I'm voting for Don Iveson for a lot of reasons. Here are just a few.
As a downtown resident, I like that he really understands downtown. He doesn't just come for his city hall gig. He attends some of the great events here, like the Farmers' Market on 104th and What the Truck, for fun.
I know! Who goes to downtown Edmonton for fun?!?!
I like that Don knows that a new arena will only be one reason to visit or live downtown and that a lot of great things are going on here right now. That's important for me. It gives me confidence that he'll make sure the new arena improves downtown, which it doesn't necessarily have to do to be an economic success.
I know he knows what works for downtown because he tried to make sensible changes to the Molson site rezoning (based on reasonable requests from the surrounding community) and, in the end, voted against the unmodified version. This was an amazing revitalization opportunity lost by not challenging developers to think bigger.
As a software developer, I'm grateful for the community and opportunity organizations like StartupEdmonton provide. StartupEdmonton exists because of some extremely hard working people who decided there was no reason Edmonton couldn't be part of a northern Silicon Valley. Don, as councillor, believed in StartupEdmonton and added his support. In terms of providing reasons for local talent to stay and being a pocket of innovation, it has been a real success.
But one of the reasons I'm voting for Don Iveson also pushed me to dedicate a large part of my time over the last 3 months to volunteer on his campaign:
We have a chance to elect one of the most bravely transparent politicians out there.
I'm not talking about disclosing donation information early. Like a true hipster, Don was doing that before it was cool. And while I'm going to point to his blog, I'm not really talking about the fact that he blogs. A blog is just a low cost, effective way of communicating with a lot of people at once. (His talent in finding low cost, effective ways of doing things is another reason he'll be a great mayor.)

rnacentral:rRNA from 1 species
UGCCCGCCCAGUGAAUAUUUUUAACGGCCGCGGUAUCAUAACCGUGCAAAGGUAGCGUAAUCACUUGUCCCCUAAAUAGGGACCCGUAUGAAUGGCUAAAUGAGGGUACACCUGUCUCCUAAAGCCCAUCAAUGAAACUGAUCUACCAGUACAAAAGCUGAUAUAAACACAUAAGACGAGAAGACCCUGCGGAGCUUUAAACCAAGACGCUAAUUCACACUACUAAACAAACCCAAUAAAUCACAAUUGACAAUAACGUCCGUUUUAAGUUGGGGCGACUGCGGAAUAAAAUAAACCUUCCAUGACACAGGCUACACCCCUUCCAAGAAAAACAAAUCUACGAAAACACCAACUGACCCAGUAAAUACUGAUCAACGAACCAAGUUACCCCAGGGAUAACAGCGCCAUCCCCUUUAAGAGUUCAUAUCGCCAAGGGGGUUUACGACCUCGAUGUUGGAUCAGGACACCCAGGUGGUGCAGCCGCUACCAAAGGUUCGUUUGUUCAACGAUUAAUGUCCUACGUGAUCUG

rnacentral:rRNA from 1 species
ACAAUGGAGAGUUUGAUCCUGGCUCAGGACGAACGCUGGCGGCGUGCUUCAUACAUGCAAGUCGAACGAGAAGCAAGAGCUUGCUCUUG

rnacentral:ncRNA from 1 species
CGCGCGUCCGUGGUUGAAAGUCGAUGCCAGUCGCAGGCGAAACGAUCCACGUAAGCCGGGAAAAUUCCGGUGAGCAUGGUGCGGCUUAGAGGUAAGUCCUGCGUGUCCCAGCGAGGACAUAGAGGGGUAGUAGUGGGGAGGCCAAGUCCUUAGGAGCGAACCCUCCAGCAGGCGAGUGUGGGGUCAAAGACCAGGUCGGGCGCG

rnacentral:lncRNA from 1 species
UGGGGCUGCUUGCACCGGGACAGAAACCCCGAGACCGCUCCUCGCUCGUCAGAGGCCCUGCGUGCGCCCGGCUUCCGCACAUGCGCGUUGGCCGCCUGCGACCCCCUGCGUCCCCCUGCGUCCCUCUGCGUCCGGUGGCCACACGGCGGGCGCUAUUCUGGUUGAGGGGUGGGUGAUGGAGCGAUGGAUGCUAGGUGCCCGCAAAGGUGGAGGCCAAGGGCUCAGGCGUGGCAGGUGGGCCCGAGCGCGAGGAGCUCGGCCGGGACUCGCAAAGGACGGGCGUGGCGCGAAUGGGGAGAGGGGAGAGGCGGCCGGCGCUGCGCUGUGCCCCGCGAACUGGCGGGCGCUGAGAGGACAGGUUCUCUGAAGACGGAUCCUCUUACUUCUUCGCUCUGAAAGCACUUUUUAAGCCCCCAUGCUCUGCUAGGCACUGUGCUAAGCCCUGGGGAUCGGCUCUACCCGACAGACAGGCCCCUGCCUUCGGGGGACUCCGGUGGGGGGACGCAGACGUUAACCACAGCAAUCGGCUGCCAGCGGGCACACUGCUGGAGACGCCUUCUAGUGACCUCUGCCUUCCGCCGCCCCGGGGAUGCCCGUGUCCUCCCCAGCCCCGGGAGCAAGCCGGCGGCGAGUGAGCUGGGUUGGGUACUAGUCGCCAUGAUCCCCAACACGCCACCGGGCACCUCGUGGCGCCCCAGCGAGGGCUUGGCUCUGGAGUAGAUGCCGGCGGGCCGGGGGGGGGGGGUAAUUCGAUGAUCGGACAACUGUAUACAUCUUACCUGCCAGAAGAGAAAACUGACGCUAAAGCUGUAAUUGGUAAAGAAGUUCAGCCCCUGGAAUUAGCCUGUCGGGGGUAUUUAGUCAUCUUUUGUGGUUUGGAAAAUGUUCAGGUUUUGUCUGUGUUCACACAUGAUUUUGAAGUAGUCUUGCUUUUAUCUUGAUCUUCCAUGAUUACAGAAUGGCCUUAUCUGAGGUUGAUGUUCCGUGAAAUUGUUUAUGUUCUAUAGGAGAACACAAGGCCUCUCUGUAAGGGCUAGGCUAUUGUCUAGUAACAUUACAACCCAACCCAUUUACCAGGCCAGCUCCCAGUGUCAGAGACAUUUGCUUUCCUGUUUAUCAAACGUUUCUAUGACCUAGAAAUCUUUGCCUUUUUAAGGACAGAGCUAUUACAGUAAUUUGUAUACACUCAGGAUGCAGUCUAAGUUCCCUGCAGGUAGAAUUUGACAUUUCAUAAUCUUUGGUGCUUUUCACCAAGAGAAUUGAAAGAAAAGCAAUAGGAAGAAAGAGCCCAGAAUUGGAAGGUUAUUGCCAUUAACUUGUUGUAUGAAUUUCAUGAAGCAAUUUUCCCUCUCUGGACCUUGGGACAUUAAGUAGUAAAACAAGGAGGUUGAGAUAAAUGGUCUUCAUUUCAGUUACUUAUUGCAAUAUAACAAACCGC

While we keep hoping for perfect leaders, I think we all know how imperfect they'll always be. We applaud certainty when history proves it correct and we ridicule it when history proves otherwise. Thoughtful consideration is hard to fit into good sound bites. There are a lot of cynics out there who think voters don't have the time or inclination to consider more than catchy slogans when making their decision. And the more details you put out there, the more you give your opponents to attack you on.
Thankfully Councillor Iveson never thought that way. He puts his doubts and decision making process up for all of us to see. His approach to the arena issue is a great illustration of his willingness to involve us as he grapples with a complex issue. He gave real details that we could critique. He gave us a window into the decision making process during which we could still change his mind. And perhaps if more on council had shared in his initial skepticism, the unanimous pushback against a deal that had become so lopsided would not have come so late in the game.
I don't know about you, but once I've made up my mind about something, I'll spend the bulk of my efforts arguing I'm right. To be most effective, feedback has to come before that point. What good is consultation without real transparency, from beginning to end?
I know that transparency like this is hard because so many of us avoid it. It's even rarer in politics. If you agree on its importance, you're not just voting for Don Iveson. You're voting for the type of politician you want to see running four years from now. You're voting for the type of politician you'd like to see in any level of government. You're voting for the opportunity to be able to have real input into decisions that are being made when it really counts.